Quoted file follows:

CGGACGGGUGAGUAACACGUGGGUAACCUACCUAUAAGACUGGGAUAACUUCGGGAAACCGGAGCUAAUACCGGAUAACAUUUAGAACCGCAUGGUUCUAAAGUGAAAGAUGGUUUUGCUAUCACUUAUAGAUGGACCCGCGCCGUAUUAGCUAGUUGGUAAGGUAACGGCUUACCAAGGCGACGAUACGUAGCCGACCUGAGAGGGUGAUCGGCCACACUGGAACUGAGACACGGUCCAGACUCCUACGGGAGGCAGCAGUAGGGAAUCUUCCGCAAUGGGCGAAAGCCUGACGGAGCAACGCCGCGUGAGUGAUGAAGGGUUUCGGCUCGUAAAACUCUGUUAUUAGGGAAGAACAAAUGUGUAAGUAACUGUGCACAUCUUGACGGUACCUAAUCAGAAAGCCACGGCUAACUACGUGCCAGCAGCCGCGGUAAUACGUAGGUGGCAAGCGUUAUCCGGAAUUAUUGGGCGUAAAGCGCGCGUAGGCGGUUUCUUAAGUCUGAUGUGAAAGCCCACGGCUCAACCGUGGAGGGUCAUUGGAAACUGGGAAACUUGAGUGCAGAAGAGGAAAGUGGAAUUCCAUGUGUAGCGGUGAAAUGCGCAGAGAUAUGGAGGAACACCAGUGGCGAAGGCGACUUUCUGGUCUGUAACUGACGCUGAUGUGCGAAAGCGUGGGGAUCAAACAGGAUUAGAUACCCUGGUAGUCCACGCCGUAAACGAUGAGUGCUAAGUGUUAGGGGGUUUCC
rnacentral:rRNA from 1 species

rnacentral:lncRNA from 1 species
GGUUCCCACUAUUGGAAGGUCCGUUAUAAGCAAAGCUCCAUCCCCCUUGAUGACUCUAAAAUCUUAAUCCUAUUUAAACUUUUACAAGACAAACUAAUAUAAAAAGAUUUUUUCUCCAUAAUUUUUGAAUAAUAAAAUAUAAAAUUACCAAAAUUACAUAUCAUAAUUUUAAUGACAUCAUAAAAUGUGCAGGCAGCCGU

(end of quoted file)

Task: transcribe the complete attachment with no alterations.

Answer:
CGGACGGGUGAGUAACACGUGGGUAACCUACCUAUAAGACUGGGAUAACUUCGGGAAACCGGAGCUAAUACCGGAUAACAUUUAGAACCGCAUGGUUCUAAAGUGAAAGAUGGUUUUGCUAUCACUUAUAGAUGGACCCGCGCCGUAUUAGCUAGUUGGUAAGGUAACGGCUUACCAAGGCGACGAUACGUAGCCGACCUGAGAGGGUGAUCGGCCACACUGGAACUGAGACACGGUCCAGACUCCUACGGGAGGCAGCAGUAGGGAAUCUUCCGCAAUGGGCGAAAGCCUGACGGAGCAACGCCGCGUGAGUGAUGAAGGGUUUCGGCUCGUAAAACUCUGUUAUUAGGGAAGAACAAAUGUGUAAGUAACUGUGCACAUCUUGACGGUACCUAAUCAGAAAGCCACGGCUAACUACGUGCCAGCAGCCGCGGUAAUACGUAGGUGGCAAGCGUUAUCCGGAAUUAUUGGGCGUAAAGCGCGCGUAGGCGGUUUCUUAAGUCUGAUGUGAAAGCCCACGGCUCAACCGUGGAGGGUCAUUGGAAACUGGGAAACUUGAGUGCAGAAGAGGAAAGUGGAAUUCCAUGUGUAGCGGUGAAAUGCGCAGAGAUAUGGAGGAACACCAGUGGCGAAGGCGACUUUCUGGUCUGUAACUGACGCUGAUGUGCGAAAGCGUGGGGAUCAAACAGGAUUAGAUACCCUGGUAGUCCACGCCGUAAACGAUGAGUGCUAAGUGUUAGGGGGUUUCC
rnacentral:rRNA from 1 species

rnacentral:lncRNA from 1 species
GGUUCCCACUAUUGGAAGGUCCGUUAUAAGCAAAGCUCCAUCCCCCUUGAUGACUCUAAAAUCUUAAUCCUAUUUAAACUUUUACAAGACAAACUAAUAUAAAAAGAUUUUUUCUCCAUAAUUUUUGAAUAAUAAAAUAUAAAAUUACCAAAAUUACAUAUCAUAAUUUUAAUGACAUCAUAAAAUGUGCAGGCAGCCGU